When bias compensator 42 (FIG. 2) determines in query task 178 that the sensitivity level should be adjusted, program control proceeds to a task 180. Task 180 causes comparator 80 (FIG. 2) of bias compensator 142 to send adjustment parameters (not shown) over link 78 (FIG. 2) to receiver 36 (FIG. 2).

In the preferred embodiment, adjustment parameters are automatically calculated by comparator 80 to modify signal strength threshold 54 (FIG. 2) and/or noise quieting threshold 56 (FIG. 2) for one of LO signals 26. Additionally, adjustment parameters may be calculated by comparator 80 to modify antenna attenuator value 50 and/or gain value 52 for one of LO signals 26.

The modifications produced by task 180 result in an adjusted sensitivity level, for example, an adjusted first sensitivity level 146′ (FIG. 7) for first LO signals 26′ during a future survey period, such as a second survey period 130″. In the exemplary situation shown in graph 128 (FIG. 7), first sensitivity level 146′ is lower than first sensitivity level 146. A lower first sensitivity level 146′ may increase the likelihood of detection of LO signals 26′ during second survey period 130″. This produces a bias in favor of LO signals 26′ in order to offset station bias against LO signals 26′ possibly caused by environmental conditions or electronic noise in detection zone 30 (FIG. 1). First sensitivity level 146′ should result in a longer station ADL value 74′ for LO signals 26′ so as to cause first station ADL value 74′ for second survey period 130″ to more closely equal a multi-station ADL parameter 86″ (FIG. 8) for second survey period 130″.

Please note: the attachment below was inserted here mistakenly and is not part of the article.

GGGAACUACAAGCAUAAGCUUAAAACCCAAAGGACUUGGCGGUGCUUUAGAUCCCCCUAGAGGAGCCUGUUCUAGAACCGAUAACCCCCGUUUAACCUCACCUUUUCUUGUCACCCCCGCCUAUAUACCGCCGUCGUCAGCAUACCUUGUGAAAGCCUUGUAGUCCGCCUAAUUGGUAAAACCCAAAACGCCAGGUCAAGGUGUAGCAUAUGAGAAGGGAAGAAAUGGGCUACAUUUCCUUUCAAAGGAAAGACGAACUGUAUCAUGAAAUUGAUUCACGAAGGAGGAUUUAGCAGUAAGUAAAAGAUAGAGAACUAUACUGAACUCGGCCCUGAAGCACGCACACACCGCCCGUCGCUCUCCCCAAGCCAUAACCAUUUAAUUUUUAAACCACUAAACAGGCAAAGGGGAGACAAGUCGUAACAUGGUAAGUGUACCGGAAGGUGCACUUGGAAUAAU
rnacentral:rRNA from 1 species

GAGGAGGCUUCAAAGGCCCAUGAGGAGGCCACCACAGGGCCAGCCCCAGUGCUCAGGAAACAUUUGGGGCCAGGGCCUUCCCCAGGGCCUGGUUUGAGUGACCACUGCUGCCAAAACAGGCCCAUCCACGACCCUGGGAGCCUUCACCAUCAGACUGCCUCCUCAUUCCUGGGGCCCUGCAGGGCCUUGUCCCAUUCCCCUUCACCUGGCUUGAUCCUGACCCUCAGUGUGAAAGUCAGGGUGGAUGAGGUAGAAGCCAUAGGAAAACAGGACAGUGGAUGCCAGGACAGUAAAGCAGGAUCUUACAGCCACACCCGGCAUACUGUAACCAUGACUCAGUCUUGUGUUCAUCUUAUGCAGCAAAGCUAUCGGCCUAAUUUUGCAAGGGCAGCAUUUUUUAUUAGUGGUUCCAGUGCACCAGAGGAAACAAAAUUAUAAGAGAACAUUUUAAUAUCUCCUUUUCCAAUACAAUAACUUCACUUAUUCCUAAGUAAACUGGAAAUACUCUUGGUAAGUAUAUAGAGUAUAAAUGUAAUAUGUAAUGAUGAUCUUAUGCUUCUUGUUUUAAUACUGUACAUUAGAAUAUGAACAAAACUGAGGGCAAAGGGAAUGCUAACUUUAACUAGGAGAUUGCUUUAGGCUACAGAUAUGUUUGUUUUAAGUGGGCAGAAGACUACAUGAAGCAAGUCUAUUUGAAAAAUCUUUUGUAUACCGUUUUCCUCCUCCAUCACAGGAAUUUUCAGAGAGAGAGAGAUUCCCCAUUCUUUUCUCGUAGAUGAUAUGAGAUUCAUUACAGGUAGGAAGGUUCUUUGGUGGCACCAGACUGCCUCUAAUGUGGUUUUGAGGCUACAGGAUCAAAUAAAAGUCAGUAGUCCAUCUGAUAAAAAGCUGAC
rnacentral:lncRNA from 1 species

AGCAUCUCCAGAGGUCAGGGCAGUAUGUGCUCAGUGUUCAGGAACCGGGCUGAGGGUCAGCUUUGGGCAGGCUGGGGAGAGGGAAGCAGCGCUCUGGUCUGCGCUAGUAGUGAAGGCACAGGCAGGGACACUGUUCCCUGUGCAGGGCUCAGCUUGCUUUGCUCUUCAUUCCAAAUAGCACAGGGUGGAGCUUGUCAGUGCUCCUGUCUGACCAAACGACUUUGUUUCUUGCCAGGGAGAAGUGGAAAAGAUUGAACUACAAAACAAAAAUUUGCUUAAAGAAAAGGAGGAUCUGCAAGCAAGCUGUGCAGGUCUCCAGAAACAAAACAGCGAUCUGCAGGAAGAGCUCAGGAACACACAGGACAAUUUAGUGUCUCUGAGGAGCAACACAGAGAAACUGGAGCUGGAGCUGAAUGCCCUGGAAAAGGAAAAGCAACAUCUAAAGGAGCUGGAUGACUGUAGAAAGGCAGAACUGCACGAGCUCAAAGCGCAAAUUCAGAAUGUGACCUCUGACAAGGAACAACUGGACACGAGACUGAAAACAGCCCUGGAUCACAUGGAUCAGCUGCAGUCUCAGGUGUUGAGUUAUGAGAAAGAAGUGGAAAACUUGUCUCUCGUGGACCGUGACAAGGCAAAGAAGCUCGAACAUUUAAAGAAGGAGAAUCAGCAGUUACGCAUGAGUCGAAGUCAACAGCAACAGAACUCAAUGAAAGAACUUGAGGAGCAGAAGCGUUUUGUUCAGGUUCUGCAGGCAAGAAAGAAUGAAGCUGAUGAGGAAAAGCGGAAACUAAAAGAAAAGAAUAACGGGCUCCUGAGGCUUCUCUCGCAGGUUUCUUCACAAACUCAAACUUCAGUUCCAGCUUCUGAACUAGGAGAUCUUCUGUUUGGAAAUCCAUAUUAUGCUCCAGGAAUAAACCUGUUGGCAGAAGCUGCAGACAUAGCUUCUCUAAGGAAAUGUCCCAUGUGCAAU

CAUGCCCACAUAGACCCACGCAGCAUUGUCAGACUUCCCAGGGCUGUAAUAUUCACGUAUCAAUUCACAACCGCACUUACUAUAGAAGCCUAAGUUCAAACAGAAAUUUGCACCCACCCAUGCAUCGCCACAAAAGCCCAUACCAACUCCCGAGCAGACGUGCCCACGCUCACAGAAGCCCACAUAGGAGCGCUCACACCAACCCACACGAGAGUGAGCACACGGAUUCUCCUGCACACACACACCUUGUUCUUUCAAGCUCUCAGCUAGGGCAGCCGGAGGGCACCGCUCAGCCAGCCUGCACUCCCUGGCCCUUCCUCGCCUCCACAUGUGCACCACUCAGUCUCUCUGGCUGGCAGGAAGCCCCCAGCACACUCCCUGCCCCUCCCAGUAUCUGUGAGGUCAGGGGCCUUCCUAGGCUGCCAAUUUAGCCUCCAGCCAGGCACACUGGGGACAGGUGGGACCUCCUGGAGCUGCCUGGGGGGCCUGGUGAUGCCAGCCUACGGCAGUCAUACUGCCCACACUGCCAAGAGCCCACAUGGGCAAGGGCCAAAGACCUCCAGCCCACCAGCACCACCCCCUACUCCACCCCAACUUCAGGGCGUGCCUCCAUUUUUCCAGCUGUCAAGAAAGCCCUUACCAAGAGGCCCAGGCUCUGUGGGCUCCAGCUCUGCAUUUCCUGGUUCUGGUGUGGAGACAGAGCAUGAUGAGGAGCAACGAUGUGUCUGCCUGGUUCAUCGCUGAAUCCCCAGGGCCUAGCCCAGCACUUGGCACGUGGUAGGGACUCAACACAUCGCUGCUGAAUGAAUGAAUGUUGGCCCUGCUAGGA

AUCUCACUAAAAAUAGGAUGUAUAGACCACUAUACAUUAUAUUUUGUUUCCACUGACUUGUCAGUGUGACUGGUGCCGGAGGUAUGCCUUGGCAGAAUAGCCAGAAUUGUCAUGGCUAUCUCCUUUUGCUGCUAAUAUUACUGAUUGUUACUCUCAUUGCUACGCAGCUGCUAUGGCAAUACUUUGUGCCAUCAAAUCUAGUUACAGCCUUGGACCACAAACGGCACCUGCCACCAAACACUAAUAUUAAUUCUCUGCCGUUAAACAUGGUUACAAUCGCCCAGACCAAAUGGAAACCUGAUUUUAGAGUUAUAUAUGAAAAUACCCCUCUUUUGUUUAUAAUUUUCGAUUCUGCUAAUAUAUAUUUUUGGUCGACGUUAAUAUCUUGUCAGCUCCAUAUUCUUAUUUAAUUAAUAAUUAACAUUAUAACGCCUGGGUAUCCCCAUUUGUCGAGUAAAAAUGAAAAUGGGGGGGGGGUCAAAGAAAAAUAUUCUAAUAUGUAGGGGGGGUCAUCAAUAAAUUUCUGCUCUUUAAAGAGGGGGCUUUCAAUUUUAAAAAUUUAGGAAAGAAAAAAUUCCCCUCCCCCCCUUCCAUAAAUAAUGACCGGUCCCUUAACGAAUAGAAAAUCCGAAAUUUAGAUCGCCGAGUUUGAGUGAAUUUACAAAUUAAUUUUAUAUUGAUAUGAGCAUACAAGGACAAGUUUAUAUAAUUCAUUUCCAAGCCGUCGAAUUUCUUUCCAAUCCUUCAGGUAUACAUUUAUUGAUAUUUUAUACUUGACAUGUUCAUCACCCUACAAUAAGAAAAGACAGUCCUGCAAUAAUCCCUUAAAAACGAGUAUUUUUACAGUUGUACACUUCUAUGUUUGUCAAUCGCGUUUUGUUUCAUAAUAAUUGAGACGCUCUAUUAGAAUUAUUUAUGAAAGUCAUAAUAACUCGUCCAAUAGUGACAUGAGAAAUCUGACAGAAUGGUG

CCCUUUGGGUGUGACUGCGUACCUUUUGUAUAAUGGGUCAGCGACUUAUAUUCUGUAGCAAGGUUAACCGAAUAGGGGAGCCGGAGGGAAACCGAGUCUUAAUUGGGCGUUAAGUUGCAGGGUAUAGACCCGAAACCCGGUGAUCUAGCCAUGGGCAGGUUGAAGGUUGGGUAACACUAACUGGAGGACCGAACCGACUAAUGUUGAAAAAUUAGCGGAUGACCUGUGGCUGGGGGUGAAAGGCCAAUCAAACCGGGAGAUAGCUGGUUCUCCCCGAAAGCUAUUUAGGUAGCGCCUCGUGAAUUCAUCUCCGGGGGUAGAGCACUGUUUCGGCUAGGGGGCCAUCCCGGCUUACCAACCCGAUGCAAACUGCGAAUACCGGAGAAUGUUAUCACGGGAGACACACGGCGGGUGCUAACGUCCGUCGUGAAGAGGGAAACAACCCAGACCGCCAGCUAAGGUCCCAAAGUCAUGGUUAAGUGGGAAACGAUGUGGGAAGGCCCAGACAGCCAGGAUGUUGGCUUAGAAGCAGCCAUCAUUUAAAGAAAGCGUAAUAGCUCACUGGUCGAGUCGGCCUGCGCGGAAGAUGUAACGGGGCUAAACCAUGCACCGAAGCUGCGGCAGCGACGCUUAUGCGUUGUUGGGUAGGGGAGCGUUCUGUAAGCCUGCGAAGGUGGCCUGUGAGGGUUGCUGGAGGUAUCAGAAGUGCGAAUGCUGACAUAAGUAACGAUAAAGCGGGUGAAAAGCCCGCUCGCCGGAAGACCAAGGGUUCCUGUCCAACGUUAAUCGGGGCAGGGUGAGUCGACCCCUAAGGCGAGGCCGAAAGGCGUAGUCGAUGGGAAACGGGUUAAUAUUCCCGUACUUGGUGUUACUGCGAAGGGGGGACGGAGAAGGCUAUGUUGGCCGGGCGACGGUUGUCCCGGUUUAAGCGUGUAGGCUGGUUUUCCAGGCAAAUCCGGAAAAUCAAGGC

When station ADL value 74 is approximately equal to multi-station ADL parameter 86 in the next one of survey periods 130, the adjustments made during the previous one of survey periods 130 have adequately compensated for station bias directed towards or against first radio station 162.